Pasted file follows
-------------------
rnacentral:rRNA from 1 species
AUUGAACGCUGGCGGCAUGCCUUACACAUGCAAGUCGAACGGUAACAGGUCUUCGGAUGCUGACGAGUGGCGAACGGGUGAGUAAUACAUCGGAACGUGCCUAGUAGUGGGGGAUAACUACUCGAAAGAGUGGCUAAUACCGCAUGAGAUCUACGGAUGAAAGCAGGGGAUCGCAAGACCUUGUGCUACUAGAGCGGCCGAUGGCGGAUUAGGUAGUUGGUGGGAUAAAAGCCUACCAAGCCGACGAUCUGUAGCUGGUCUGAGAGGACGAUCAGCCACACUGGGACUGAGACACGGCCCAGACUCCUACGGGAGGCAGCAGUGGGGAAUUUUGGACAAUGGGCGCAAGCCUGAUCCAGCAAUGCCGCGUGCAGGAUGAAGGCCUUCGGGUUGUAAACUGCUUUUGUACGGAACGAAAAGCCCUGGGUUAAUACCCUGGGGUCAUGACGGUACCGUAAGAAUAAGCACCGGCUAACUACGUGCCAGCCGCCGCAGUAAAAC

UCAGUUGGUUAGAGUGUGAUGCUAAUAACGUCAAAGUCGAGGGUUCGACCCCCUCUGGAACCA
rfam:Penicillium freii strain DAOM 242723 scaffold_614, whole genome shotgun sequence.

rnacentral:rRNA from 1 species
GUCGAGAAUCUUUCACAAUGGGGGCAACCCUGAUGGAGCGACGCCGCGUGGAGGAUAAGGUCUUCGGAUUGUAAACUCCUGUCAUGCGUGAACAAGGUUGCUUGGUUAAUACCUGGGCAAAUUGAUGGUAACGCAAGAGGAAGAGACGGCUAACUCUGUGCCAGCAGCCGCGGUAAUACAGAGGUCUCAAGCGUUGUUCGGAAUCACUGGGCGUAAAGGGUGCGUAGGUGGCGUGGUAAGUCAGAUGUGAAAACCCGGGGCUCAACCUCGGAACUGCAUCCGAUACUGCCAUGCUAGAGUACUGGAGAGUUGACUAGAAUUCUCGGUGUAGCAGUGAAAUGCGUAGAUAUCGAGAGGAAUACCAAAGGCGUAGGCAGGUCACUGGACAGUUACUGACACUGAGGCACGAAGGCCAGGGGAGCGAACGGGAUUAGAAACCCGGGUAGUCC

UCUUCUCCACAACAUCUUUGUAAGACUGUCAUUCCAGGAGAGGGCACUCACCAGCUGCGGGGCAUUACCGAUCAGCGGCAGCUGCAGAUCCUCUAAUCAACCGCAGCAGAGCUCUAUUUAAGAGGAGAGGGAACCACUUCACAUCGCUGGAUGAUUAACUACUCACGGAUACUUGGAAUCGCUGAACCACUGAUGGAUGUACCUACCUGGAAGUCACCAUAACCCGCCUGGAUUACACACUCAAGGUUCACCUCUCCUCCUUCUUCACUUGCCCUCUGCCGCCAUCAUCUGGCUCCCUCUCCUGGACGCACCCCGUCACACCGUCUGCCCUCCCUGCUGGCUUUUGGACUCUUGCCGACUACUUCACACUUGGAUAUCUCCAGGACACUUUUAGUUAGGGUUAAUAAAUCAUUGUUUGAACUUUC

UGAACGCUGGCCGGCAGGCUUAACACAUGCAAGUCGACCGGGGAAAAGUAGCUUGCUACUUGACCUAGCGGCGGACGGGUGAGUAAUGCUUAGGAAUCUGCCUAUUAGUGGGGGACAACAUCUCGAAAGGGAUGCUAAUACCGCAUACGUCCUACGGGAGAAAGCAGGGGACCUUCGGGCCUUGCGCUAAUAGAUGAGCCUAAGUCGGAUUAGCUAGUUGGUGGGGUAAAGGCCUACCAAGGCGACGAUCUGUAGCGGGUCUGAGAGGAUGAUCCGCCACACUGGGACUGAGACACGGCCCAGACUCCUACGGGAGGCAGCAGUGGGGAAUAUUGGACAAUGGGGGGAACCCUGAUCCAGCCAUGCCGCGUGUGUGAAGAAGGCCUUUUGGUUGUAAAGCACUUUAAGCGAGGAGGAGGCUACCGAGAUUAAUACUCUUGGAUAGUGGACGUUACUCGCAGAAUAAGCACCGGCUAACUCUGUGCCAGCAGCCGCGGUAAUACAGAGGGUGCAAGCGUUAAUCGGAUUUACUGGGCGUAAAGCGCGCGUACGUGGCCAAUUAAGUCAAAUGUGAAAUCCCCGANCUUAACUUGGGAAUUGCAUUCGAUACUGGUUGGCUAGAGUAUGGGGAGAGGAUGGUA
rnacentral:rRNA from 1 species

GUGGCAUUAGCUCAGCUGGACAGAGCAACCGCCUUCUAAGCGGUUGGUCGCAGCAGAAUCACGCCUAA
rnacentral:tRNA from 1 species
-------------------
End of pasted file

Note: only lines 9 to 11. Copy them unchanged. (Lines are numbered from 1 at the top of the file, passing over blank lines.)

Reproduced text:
rnacentral:rRNA from 1 species

GUGGCAUUAGCUCAGCUGGACAGAGCAACCGCCUUCUAAGCGGUUGGUCGCAGCAGAAUCACGCCUAA
rnacentral:tRNA from 1 species